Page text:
I binged Sex and the City for the first time ever and I had some thoughts
I couldn't help but wonder: would a late '90s comedy about the trials and tribulations of being single in New York have any bearing on my life?
Before last week, I had never watched Sex & the City.
I had seen parts of it, sure - a NSFW scene here, a brief interlude on Comedy Central while I was channel surfing there, but I had never watched it, season by season, episode by episode, from the start through to the very end.
Too young to enjoy it when it was airing and too old (I thought) to dive in in later life, SATC simply passed me by. Yet another TV show I failed to engage with but still knew pretty much everything about (The Wire, I'm looking at you), it seemed like Darren Starr's creation had been watched - and adored - by just about every woman in the Western world.
The characters, the theme song, the era defining question as to whether Carrie would ever end up with Mr Big and be truly happy - it was all embedded in my pop culture psyche. I had just never seen it. That was, until, now.
A brief post to Instagram Stories detailing my venture into the SATC world confirmed my suspicions - every woman in Ireland had seen Sex & the City before, and I was a pariah for failing to do so.
Settling down for the evening accosted by the familiar scratching of the HBO ident, I expected to engage solely with my laptop screen for a solid five minutes before resorting to scrolling aimlessly on my phone, cringing regularly at aged jokes, poor feminism, and lamenting conversations about the pains of small penises.
After all, this was what I had been warned of. It's good, but it's a little dated. It's great, but of it's time. It's my favourite show in the world, but you wouldn't get away with it now.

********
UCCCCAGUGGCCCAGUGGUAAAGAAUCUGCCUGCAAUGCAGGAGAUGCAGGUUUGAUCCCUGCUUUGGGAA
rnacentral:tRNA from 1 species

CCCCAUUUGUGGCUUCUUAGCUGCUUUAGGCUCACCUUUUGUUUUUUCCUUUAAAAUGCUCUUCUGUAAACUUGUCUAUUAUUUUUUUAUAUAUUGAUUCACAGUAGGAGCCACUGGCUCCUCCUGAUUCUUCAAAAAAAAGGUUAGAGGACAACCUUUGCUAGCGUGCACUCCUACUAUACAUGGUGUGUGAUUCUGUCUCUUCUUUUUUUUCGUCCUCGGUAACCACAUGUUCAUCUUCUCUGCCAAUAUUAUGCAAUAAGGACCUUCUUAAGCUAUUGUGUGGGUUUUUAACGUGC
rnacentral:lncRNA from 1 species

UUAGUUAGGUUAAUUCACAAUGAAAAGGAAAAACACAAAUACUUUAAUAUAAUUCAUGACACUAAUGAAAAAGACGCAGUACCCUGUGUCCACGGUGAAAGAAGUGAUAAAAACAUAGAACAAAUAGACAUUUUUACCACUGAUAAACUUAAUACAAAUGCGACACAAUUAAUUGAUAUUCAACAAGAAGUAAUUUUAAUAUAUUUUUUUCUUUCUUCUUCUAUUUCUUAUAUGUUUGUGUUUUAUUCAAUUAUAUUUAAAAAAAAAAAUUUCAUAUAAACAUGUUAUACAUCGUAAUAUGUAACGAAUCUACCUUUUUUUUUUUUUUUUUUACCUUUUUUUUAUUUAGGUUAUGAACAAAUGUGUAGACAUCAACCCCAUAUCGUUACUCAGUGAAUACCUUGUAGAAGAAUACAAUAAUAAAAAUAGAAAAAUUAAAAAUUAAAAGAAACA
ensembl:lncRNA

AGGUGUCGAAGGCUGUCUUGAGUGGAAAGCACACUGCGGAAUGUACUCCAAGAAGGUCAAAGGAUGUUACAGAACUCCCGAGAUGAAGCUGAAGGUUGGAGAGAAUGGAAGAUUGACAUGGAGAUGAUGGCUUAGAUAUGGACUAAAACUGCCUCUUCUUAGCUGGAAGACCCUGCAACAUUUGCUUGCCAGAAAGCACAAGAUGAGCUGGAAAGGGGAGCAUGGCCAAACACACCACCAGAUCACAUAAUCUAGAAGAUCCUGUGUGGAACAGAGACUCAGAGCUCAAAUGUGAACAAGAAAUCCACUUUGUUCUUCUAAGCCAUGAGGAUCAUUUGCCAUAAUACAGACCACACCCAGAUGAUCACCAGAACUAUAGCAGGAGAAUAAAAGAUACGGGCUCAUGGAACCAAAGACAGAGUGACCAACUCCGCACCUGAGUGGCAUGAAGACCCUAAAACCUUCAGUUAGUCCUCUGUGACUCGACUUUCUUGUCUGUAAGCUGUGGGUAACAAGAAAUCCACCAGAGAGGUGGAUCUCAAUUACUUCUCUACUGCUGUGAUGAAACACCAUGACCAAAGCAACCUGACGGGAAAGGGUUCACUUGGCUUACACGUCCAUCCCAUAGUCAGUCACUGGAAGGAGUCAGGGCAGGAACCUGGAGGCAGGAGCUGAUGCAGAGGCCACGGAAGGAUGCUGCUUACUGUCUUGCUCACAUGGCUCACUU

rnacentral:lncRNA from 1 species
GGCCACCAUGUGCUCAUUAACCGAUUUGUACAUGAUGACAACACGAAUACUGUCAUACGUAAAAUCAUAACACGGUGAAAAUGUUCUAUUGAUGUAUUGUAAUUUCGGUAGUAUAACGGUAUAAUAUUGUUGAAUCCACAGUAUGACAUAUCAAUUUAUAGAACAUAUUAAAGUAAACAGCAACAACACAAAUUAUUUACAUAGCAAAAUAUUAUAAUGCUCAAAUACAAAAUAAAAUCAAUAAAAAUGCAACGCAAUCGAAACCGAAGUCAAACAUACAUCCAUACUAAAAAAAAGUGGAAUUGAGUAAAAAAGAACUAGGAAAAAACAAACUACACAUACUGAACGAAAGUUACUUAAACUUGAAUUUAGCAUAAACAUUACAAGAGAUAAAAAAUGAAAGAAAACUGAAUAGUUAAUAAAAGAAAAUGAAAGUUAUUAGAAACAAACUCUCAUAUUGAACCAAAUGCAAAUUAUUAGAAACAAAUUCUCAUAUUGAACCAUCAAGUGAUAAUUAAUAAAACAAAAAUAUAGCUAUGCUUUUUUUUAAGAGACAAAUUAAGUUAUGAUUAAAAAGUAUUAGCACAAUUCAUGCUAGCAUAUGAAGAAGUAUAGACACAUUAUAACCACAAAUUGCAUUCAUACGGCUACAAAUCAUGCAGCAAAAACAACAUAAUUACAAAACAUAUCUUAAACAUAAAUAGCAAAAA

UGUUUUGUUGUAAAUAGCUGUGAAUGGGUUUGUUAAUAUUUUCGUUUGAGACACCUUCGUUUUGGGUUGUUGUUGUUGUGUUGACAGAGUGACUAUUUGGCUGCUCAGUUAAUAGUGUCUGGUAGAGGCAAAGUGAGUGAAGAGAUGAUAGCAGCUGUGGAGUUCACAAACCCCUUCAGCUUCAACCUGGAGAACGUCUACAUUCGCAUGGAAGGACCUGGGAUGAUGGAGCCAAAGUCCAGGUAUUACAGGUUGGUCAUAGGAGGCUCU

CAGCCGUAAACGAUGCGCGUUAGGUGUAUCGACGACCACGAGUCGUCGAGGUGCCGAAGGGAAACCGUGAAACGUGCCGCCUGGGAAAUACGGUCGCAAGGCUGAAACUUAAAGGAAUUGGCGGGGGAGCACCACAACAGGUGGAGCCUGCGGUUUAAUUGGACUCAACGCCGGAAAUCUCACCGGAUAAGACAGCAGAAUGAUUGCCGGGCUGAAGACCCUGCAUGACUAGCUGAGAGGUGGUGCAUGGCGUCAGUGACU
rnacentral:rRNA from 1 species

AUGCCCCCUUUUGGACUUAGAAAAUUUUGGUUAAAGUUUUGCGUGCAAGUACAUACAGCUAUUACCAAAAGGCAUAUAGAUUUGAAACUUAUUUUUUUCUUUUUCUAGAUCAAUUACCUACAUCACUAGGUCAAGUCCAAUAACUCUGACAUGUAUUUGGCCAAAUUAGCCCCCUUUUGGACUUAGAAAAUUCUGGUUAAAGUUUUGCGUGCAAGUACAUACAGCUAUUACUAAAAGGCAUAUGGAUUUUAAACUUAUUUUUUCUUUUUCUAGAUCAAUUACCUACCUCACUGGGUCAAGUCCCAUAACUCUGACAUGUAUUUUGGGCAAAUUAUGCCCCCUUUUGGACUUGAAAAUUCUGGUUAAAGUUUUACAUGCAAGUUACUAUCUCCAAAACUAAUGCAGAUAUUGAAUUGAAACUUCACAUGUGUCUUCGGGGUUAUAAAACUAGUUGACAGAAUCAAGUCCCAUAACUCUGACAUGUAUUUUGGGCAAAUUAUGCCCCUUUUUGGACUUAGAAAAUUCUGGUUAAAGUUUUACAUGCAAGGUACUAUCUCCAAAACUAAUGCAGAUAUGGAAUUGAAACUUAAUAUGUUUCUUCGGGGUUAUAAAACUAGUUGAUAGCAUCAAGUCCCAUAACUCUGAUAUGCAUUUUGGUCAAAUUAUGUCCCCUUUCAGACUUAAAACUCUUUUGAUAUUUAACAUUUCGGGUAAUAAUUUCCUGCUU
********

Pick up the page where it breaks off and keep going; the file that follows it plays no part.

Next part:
Instead I watched a first season that's charming, expertly written, and hilarious. I would spend time detailing the many reasons why this is (the dialogue, the episode format, the painful accuracy of it all), but you already know. You've seen it all before.
Sex & the City is entertaining, but as far as its first season goes, it's also got a firm grasp on the realities of female single-dom that much pop culture since has failed to replicate.
The full date debriefs over lunch with the gals. The hopeless romance present during every single relationship, no matter how short. The unspoken war between the singles and the couples (that was for some reason misguidedly compared by Carrie to The Troubles in Northern Ireland) - it's all there, and it's all still painfully relevant.
Had it not been for the intense focus on marriage and the humble longterm relationship meaning effectively nothing without it, I could've been fooled into thinking I was watching a TV show from 2021 - just without any of the diversity and the incorrect assumption that men just want sex all the time.
The anxieties that Charlotte is subjected to around her desire to get married but still remain an independent woman. The frustration Miranda experiences upon learning she wouldn't be her friends' first choice for a threesome.
The debates around whether women should ever have sex like a man, whether you lose a part of yourself when you enter into a couple, if having children means that you'll never have any kind of fun ever again. The fashion moments. Oh, the glorious fashion moments.
Samantha Jones would still be considered a controversial character today. Not for her questionable innuendos fired to unsuspecting waiters, but for the simple fact that she's a woman who enjoys a lot of sex, and is unashamed of that (a trait that I've been warned is lowkey condemned by Carrie in later seasons, but listen, we'll deal with that when we get there).
Still, as I prepared myself to dive into season two, questions remained: just how bad was the slut shaming going to get? Is Carrie ever going to break the fourth wall again? And how in God's name does she afford that apartment on a columnist's salary?
And just like that... I was hooked.